Based on some research from the guys at Nielsen, Pew Research and ExactTarget, the two companies Financesonline.com and Ruby Media Corporation published some interesting facts and figures that are highlighting the different usage of social media and mobile by men and women.
According to the infographic, in general women are more likely to do networking and use social media for relationship, sharing, entertainment and self-help. Men are more fact-driven and look after deals and information, and on the mobile site are more open to scan coupons and QR codes. Men are using social media predominantly for business (27%) and just (13%) for dating. Whereas women are much lower engaged in these two topics with business coming in at 22% and dating only at 7%.
The infographic makes clear that on Facebook, photos and videos (54%) and entertainment or funny posts (43%) are of interest for women, while only 39% and (35%) of men are viewing them. Women are more active in sharing on facebook as well: 50% share with multiple people (men only 42%).
How important do you see social search for your brand or your company? Not much. Well, you might reconsider this answer when you have read some of the stats provided by Prestige Marketing in the following infographic.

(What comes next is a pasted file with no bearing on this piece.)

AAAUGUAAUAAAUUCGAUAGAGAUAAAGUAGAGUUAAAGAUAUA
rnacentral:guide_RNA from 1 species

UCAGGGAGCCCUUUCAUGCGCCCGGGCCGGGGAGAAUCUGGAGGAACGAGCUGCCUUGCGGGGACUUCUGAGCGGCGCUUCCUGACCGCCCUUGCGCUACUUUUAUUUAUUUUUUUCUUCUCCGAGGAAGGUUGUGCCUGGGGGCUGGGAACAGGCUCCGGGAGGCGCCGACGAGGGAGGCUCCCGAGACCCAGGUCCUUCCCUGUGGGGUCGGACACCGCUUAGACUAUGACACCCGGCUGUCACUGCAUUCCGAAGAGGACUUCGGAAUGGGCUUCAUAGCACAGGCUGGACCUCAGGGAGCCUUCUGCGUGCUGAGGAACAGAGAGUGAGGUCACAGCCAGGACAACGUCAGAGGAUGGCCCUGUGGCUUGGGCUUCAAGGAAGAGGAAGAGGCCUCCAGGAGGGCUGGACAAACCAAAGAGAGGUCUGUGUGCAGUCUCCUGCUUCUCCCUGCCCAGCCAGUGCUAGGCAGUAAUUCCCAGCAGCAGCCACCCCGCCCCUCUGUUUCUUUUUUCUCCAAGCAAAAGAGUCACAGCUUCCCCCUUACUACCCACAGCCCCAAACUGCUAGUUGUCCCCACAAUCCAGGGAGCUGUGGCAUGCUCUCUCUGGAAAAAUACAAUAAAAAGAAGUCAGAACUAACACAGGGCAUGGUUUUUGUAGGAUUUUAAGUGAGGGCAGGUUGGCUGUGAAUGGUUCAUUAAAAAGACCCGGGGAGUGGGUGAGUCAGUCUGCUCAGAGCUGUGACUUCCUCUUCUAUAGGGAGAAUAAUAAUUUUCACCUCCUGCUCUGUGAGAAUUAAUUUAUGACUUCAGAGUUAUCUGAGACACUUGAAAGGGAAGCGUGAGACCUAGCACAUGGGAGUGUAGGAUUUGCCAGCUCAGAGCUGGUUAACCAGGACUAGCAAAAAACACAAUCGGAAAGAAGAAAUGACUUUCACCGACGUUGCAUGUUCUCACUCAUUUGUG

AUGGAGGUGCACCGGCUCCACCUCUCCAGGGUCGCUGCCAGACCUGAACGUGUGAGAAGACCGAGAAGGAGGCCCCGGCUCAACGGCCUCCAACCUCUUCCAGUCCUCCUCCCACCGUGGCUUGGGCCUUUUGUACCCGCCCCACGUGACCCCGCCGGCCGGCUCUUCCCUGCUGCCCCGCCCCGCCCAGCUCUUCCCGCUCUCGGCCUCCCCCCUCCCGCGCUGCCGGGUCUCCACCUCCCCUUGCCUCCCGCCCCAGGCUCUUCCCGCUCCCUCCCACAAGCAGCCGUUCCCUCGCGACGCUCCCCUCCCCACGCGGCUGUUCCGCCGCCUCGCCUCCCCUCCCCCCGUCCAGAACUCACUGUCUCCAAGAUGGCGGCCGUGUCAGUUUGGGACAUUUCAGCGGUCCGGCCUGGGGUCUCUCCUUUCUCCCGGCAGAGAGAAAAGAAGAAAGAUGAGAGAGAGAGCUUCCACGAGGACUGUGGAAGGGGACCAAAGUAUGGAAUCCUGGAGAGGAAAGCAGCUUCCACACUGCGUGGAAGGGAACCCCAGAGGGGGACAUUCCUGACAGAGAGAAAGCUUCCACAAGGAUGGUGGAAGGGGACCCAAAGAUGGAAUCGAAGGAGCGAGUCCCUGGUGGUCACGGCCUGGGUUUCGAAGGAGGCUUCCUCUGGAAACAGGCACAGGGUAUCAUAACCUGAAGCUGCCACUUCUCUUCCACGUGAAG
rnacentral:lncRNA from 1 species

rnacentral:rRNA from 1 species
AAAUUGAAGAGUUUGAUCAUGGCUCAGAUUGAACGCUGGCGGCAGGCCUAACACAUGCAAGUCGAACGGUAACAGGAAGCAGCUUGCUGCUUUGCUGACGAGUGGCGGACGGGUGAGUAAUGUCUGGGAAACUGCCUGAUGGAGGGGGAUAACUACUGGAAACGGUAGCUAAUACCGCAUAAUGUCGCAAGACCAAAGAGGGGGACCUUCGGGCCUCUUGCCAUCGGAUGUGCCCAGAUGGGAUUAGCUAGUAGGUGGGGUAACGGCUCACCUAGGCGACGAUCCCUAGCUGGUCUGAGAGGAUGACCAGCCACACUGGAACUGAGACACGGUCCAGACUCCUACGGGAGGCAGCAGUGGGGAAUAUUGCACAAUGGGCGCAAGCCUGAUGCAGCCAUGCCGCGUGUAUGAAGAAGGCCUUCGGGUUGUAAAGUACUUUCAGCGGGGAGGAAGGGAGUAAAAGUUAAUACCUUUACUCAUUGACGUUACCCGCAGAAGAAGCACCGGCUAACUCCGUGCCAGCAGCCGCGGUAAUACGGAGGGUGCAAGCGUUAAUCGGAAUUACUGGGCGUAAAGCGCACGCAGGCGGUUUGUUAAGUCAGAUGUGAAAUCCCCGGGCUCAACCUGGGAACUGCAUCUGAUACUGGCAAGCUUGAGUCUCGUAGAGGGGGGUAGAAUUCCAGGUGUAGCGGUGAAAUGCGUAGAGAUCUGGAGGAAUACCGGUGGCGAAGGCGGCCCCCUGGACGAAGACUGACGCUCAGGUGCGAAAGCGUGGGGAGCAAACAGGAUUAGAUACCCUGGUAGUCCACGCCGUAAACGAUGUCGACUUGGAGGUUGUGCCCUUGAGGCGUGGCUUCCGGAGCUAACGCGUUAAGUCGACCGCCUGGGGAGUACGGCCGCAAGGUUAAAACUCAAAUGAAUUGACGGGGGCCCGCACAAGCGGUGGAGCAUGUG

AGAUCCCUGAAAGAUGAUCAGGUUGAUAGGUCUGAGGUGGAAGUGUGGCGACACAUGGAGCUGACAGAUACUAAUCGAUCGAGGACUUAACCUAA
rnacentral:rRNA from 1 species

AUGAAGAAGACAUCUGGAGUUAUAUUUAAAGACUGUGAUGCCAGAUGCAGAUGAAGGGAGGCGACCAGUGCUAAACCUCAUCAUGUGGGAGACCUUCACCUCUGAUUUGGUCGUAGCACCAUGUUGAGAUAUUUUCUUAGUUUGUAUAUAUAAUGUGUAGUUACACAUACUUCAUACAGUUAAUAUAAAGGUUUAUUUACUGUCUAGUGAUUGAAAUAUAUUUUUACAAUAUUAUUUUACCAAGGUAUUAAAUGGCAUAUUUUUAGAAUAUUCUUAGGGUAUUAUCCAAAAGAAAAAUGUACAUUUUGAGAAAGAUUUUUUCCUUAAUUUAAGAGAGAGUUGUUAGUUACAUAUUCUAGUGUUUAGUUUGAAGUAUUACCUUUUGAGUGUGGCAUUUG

The compilation of figures and data gives some insights in why brands need to understand the benefits of social search.
- When exposed to relevant branded media, consumers are more likely to click your information: search click-through rates increase 94%.
- Comparable to the Nielsen findings some months ago, 78% of consumers trust personal recommendations over search result rankings.
- In order to make purchase decisions, 48% of digital buyers use search and social media for their buying decisions.
“Social search engines use data from social networks and online relationships, including rating, shares, and likes, to determine the display order of search query results,” claims the infographic.
The following infographic will tell you more about a toppic you might not really be spot on…
In order to demystify the myth around social influencers, brand fans and brand advocates, we will discuss the topic in the future with different leading marketing specialist of emerging platforms and different cloud marketing providers.